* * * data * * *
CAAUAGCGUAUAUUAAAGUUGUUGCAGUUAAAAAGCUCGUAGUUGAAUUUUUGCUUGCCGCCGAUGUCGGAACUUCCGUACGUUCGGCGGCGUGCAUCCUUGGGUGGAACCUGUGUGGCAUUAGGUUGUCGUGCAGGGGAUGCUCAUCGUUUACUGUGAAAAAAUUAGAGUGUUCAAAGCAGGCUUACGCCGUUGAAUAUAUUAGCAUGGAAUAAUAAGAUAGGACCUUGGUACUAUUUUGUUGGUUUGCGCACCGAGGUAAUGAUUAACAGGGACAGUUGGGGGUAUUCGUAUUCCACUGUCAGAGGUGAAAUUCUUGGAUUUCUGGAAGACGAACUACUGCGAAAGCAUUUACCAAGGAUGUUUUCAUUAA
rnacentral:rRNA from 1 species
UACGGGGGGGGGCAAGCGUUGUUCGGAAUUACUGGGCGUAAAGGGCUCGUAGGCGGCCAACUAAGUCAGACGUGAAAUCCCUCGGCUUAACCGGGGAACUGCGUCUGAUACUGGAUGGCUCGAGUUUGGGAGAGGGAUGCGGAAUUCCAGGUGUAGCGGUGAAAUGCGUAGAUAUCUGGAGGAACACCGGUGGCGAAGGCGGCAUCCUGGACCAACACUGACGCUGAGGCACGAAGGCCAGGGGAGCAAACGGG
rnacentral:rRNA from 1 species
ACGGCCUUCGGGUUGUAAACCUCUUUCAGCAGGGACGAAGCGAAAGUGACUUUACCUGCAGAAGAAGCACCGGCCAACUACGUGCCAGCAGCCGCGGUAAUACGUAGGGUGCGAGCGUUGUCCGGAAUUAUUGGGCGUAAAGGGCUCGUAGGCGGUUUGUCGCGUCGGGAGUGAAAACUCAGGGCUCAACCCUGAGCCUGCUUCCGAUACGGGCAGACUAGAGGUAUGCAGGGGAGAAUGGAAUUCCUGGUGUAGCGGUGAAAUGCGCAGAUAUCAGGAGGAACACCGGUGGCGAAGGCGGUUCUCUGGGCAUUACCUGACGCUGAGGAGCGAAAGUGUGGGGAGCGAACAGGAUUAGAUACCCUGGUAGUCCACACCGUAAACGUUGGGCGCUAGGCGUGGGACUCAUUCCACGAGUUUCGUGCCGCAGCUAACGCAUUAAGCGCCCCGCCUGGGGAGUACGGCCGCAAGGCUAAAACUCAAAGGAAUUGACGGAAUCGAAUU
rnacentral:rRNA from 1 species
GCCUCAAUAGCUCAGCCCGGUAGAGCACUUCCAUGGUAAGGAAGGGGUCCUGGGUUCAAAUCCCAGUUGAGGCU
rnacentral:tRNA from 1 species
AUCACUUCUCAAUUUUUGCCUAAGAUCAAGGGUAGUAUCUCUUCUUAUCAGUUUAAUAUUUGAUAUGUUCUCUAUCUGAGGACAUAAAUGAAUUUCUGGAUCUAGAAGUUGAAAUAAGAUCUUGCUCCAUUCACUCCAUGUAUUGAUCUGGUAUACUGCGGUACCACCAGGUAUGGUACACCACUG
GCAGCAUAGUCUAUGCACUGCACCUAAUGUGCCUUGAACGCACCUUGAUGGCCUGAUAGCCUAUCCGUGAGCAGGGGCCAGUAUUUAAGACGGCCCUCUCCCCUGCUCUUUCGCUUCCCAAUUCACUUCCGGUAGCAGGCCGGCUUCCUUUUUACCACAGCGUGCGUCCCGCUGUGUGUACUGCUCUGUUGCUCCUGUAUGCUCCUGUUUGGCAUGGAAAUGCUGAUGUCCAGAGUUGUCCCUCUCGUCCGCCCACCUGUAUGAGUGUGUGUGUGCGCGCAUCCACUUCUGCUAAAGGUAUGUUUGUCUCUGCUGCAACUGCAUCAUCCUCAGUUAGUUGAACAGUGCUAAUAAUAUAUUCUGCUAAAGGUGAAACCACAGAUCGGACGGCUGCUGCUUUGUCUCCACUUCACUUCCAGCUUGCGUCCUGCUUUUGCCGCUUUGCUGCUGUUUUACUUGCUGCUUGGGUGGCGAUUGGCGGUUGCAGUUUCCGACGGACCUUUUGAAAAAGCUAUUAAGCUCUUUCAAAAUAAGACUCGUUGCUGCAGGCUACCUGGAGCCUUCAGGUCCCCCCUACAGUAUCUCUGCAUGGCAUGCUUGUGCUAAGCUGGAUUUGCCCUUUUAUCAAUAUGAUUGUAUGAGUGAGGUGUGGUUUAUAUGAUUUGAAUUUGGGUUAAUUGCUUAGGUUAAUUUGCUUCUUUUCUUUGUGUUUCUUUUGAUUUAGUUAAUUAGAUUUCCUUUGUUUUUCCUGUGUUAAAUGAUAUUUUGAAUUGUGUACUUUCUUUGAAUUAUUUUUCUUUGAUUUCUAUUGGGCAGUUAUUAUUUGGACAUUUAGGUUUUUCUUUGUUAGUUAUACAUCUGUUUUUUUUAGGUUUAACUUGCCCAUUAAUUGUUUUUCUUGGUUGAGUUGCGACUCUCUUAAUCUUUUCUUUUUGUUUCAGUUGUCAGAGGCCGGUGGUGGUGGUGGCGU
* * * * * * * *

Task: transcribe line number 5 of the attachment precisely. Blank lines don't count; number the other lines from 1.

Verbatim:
ACGGCCUUCGGGUUGUAAACCUCUUUCAGCAGGGACGAAGCGAAAGUGACUUUACCUGCAGAAGAAGCACCGGCCAACUACGUGCCAGCAGCCGCGGUAAUACGUAGGGUGCGAGCGUUGUCCGGAAUUAUUGGGCGUAAAGGGCUCGUAGGCGGUUUGUCGCGUCGGGAGUGAAAACUCAGGGCUCAACCCUGAGCCUGCUUCCGAUACGGGCAGACUAGAGGUAUGCAGGGGAGAAUGGAAUUCCUGGUGUAGCGGUGAAAUGCGCAGAUAUCAGGAGGAACACCGGUGGCGAAGGCGGUUCUCUGGGCAUUACCUGACGCUGAGGAGCGAAAGUGUGGGGAGCGAACAGGAUUAGAUACCCUGGUAGUCCACACCGUAAACGUUGGGCGCUAGGCGUGGGACUCAUUCCACGAGUUUCGUGCCGCAGCUAACGCAUUAAGCGCCCCGCCUGGGGAGUACGGCCGCAAGGCUAAAACUCAAAGGAAUUGACGGAAUCGAAUU